It was evid­ent last week­end that Fein­gold doesn’t plan on back­ing away from any of his old agenda. His key­note ad­dress to the state party was a 30-minute stem-winder fo­cus­ing mostly on the need to re­cog­nize every­one’s con­tri­bu­tion to so­ci­ety and de­noun­cing Re­pub­lic­ans for look­ing past the value of work­ing Amer­ic­ans. And he wasn’t shy about a dive in­to the policy weeds: His speech even in­cluded a 300-word net-neut­ral­ity sec­tion about the im­port­ance of turn­ing broad­band In­ter­net in­to a pub­lic util­ity.

Demo­crats say they aren’t wor­ried that Fein­gold hasn’t ret­ro­fit­ted his ap­proach; in fact, they think pub­lic opin­ion — on is­sues like in­equal­ity and mass sur­veil­lance — has moved closer to Fein­gold’s own views since he last held of­fice.

“We’re liv­ing in the world that Russ Fein­gold pre­dicted we would live in,” said Tim Kaine, the sen­at­or from Vir­gin­ia who spoke at the Wis­con­sin Demo­crat­ic con­ven­tion on Fri­day. (In a sign of how ex­cited the party is about Fein­gold’s re­turn, the out-of-town­er Kaine was asked to speak be­fore the former sen­at­or de­livered the event’s key­note speech.)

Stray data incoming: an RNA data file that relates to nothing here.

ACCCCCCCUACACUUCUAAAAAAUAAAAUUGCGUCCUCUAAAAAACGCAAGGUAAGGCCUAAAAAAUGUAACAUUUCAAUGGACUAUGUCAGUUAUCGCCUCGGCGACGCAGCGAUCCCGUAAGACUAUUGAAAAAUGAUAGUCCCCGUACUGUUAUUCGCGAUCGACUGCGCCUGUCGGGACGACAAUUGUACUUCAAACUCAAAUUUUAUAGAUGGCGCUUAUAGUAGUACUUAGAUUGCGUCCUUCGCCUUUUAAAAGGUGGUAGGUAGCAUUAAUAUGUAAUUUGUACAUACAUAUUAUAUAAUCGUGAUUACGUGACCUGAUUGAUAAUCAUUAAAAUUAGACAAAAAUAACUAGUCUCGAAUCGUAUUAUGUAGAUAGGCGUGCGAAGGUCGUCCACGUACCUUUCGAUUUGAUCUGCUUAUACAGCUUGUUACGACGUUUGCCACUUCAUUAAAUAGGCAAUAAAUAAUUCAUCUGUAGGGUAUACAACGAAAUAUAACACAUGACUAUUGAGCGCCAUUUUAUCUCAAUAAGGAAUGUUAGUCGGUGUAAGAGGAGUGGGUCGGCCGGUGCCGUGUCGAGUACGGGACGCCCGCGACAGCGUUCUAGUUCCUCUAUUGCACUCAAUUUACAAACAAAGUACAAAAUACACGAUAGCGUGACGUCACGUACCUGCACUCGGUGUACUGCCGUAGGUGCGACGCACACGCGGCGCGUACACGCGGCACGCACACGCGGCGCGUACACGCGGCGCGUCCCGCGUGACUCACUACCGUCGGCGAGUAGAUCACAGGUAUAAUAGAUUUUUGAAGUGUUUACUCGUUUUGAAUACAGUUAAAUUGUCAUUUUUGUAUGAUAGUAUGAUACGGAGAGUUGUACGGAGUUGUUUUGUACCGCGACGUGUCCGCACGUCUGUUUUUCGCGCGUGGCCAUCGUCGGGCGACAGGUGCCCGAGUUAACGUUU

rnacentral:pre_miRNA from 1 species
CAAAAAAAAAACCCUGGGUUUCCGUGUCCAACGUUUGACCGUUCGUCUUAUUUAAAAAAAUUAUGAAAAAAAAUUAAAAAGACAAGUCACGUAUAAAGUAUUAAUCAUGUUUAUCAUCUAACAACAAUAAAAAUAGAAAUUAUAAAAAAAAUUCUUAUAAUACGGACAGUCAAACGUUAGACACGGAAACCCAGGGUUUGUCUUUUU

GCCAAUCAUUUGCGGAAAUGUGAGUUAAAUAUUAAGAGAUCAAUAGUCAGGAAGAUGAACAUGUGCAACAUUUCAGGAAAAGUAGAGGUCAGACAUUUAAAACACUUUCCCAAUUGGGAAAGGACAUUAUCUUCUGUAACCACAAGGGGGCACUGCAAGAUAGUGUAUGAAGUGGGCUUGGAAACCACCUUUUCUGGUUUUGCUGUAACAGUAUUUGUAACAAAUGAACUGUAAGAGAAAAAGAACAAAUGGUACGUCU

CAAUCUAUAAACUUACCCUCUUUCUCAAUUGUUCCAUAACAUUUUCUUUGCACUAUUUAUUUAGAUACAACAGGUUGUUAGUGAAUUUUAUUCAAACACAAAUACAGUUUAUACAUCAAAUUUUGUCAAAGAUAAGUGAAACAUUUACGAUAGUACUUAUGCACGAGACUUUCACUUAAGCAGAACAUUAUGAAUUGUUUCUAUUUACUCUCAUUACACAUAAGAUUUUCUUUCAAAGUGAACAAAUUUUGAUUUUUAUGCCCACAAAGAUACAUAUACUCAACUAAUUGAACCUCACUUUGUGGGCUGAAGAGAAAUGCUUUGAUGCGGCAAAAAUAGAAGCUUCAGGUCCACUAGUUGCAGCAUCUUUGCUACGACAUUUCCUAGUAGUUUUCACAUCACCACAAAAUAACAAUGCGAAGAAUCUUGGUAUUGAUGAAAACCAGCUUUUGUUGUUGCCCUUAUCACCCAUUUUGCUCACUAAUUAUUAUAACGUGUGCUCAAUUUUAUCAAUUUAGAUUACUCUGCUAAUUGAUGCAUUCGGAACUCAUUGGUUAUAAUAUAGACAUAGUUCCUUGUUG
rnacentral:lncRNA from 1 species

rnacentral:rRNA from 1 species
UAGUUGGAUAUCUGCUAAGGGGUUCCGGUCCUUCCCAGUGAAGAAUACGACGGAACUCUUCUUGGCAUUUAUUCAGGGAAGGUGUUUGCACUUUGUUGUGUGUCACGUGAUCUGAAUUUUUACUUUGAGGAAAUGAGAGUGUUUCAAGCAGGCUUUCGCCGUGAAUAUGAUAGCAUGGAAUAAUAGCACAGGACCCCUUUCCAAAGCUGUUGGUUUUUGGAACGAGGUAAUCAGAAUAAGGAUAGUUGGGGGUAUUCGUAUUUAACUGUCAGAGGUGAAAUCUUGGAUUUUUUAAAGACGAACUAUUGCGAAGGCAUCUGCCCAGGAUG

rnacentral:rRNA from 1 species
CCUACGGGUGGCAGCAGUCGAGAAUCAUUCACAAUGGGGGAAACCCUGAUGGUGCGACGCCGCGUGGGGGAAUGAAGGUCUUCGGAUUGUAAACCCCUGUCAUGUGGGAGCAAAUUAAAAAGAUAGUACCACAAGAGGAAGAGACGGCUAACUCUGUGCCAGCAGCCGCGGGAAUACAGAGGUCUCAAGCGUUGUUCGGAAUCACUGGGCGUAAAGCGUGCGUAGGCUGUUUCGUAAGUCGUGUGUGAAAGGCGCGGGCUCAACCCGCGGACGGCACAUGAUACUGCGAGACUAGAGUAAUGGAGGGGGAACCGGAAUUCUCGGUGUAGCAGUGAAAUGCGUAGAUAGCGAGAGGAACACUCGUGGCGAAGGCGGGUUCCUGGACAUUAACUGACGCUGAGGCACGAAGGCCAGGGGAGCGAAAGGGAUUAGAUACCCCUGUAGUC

But Re­pub­lic­ans think the lack of change in Fein­gold’s views will help them run the same cam­paign that worked against him in 2010 — hit­ting him for votes in fa­vor of the stim­u­lus and Obama­care. And though John­son is the in­cum­bent, Re­pub­lic­ans say they think voters will still see him as the polit­ic­al out­sider when his re­cord is com­pared to Fein­gold’s 32-plus years of pub­lic ser­vice.

“To get reelec­ted, Sen­at­or Fein­gold will have to tell the voters that his par­tis­an votes on debt and spend­ing and Obama­care were a mis­take,” Ankney said. “That’s why he was fired in 2010 — and he won’t be re­hired if he pre­tends those were the right votes to make.”